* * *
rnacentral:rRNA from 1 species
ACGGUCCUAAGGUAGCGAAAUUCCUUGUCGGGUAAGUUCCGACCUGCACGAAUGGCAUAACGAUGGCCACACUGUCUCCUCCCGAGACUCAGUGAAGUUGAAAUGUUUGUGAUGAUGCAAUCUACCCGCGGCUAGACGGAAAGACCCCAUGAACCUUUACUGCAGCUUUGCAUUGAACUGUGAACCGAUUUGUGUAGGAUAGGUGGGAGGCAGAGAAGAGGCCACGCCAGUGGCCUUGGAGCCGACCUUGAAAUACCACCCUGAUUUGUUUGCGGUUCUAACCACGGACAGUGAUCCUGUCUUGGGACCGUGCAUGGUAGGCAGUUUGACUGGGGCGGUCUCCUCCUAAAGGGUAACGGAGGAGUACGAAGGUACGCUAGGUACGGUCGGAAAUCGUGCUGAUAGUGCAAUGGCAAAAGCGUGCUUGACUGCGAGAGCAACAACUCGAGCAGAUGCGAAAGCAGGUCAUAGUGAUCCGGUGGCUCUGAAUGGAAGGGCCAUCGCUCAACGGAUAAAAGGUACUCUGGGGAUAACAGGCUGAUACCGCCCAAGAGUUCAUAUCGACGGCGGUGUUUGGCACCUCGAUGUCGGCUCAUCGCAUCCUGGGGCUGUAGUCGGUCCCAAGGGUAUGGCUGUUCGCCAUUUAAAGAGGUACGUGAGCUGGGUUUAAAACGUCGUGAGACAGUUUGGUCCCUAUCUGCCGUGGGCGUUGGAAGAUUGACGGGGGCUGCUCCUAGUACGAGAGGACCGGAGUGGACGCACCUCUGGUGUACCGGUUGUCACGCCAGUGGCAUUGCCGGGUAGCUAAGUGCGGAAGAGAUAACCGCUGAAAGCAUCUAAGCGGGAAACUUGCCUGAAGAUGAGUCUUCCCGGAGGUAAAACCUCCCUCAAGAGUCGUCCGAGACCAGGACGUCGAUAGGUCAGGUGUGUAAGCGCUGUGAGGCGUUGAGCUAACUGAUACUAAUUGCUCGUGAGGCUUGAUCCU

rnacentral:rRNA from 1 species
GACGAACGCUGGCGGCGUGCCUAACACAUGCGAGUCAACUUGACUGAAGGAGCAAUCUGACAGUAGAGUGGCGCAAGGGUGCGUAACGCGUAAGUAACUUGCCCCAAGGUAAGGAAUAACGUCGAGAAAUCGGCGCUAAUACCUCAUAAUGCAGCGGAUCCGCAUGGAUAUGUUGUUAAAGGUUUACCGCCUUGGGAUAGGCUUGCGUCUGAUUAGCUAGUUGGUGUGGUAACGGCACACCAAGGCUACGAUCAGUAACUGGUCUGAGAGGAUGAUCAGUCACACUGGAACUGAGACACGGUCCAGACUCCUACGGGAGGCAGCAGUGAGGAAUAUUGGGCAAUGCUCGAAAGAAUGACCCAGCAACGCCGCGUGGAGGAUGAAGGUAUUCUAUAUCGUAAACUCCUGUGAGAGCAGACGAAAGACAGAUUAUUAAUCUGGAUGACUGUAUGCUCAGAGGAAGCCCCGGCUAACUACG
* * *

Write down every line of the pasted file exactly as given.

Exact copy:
rnacentral:rRNA from 1 species
ACGGUCCUAAGGUAGCGAAAUUCCUUGUCGGGUAAGUUCCGACCUGCACGAAUGGCAUAACGAUGGCCACACUGUCUCCUCCCGAGACUCAGUGAAGUUGAAAUGUUUGUGAUGAUGCAAUCUACCCGCGGCUAGACGGAAAGACCCCAUGAACCUUUACUGCAGCUUUGCAUUGAACUGUGAACCGAUUUGUGUAGGAUAGGUGGGAGGCAGAGAAGAGGCCACGCCAGUGGCCUUGGAGCCGACCUUGAAAUACCACCCUGAUUUGUUUGCGGUUCUAACCACGGACAGUGAUCCUGUCUUGGGACCGUGCAUGGUAGGCAGUUUGACUGGGGCGGUCUCCUCCUAAAGGGUAACGGAGGAGUACGAAGGUACGCUAGGUACGGUCGGAAAUCGUGCUGAUAGUGCAAUGGCAAAAGCGUGCUUGACUGCGAGAGCAACAACUCGAGCAGAUGCGAAAGCAGGUCAUAGUGAUCCGGUGGCUCUGAAUGGAAGGGCCAUCGCUCAACGGAUAAAAGGUACUCUGGGGAUAACAGGCUGAUACCGCCCAAGAGUUCAUAUCGACGGCGGUGUUUGGCACCUCGAUGUCGGCUCAUCGCAUCCUGGGGCUGUAGUCGGUCCCAAGGGUAUGGCUGUUCGCCAUUUAAAGAGGUACGUGAGCUGGGUUUAAAACGUCGUGAGACAGUUUGGUCCCUAUCUGCCGUGGGCGUUGGAAGAUUGACGGGGGCUGCUCCUAGUACGAGAGGACCGGAGUGGACGCACCUCUGGUGUACCGGUUGUCACGCCAGUGGCAUUGCCGGGUAGCUAAGUGCGGAAGAGAUAACCGCUGAAAGCAUCUAAGCGGGAAACUUGCCUGAAGAUGAGUCUUCCCGGAGGUAAAACCUCCCUCAAGAGUCGUCCGAGACCAGGACGUCGAUAGGUCAGGUGUGUAAGCGCUGUGAGGCGUUGAGCUAACUGAUACUAAUUGCUCGUGAGGCUUGAUCCU

rnacentral:rRNA from 1 species
GACGAACGCUGGCGGCGUGCCUAACACAUGCGAGUCAACUUGACUGAAGGAGCAAUCUGACAGUAGAGUGGCGCAAGGGUGCGUAACGCGUAAGUAACUUGCCCCAAGGUAAGGAAUAACGUCGAGAAAUCGGCGCUAAUACCUCAUAAUGCAGCGGAUCCGCAUGGAUAUGUUGUUAAAGGUUUACCGCCUUGGGAUAGGCUUGCGUCUGAUUAGCUAGUUGGUGUGGUAACGGCACACCAAGGCUACGAUCAGUAACUGGUCUGAGAGGAUGAUCAGUCACACUGGAACUGAGACACGGUCCAGACUCCUACGGGAGGCAGCAGUGAGGAAUAUUGGGCAAUGCUCGAAAGAAUGACCCAGCAACGCCGCGUGGAGGAUGAAGGUAUUCUAUAUCGUAAACUCCUGUGAGAGCAGACGAAAGACAGAUUAUUAAUCUGGAUGACUGUAUGCUCAGAGGAAGCCCCGGCUAACUACG